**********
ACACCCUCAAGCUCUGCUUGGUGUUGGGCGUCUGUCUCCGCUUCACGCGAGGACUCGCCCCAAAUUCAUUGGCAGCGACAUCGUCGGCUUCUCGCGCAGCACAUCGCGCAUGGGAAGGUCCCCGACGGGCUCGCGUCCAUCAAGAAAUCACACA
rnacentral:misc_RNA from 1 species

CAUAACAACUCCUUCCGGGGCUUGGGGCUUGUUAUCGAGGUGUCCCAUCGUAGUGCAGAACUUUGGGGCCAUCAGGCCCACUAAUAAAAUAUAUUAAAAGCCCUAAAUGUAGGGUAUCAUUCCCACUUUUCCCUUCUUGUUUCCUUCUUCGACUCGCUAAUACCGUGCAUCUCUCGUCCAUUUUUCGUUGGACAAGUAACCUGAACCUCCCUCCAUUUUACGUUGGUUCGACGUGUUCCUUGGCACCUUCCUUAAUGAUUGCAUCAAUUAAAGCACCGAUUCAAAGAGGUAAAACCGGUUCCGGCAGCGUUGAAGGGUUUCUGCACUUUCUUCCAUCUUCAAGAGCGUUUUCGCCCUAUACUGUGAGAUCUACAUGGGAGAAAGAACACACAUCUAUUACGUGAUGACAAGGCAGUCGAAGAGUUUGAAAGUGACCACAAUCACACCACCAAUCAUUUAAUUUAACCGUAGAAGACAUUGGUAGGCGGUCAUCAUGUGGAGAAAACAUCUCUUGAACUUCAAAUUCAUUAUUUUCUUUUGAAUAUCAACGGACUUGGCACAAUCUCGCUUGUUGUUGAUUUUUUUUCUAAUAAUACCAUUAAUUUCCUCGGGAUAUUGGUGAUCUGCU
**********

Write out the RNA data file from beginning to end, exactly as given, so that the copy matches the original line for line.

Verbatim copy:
ACACCCUCAAGCUCUGCUUGGUGUUGGGCGUCUGUCUCCGCUUCACGCGAGGACUCGCCCCAAAUUCAUUGGCAGCGACAUCGUCGGCUUCUCGCGCAGCACAUCGCGCAUGGGAAGGUCCCCGACGGGCUCGCGUCCAUCAAGAAAUCACACA
rnacentral:misc_RNA from 1 species

CAUAACAACUCCUUCCGGGGCUUGGGGCUUGUUAUCGAGGUGUCCCAUCGUAGUGCAGAACUUUGGGGCCAUCAGGCCCACUAAUAAAAUAUAUUAAAAGCCCUAAAUGUAGGGUAUCAUUCCCACUUUUCCCUUCUUGUUUCCUUCUUCGACUCGCUAAUACCGUGCAUCUCUCGUCCAUUUUUCGUUGGACAAGUAACCUGAACCUCCCUCCAUUUUACGUUGGUUCGACGUGUUCCUUGGCACCUUCCUUAAUGAUUGCAUCAAUUAAAGCACCGAUUCAAAGAGGUAAAACCGGUUCCGGCAGCGUUGAAGGGUUUCUGCACUUUCUUCCAUCUUCAAGAGCGUUUUCGCCCUAUACUGUGAGAUCUACAUGGGAGAAAGAACACACAUCUAUUACGUGAUGACAAGGCAGUCGAAGAGUUUGAAAGUGACCACAAUCACACCACCAAUCAUUUAAUUUAACCGUAGAAGACAUUGGUAGGCGGUCAUCAUGUGGAGAAAACAUCUCUUGAACUUCAAAUUCAUUAUUUUCUUUUGAAUAUCAACGGACUUGGCACAAUCUCGCUUGUUGUUGAUUUUUUUUCUAAUAAUACCAUUAAUUUCCUCGGGAUAUUGGUGAUCUGCU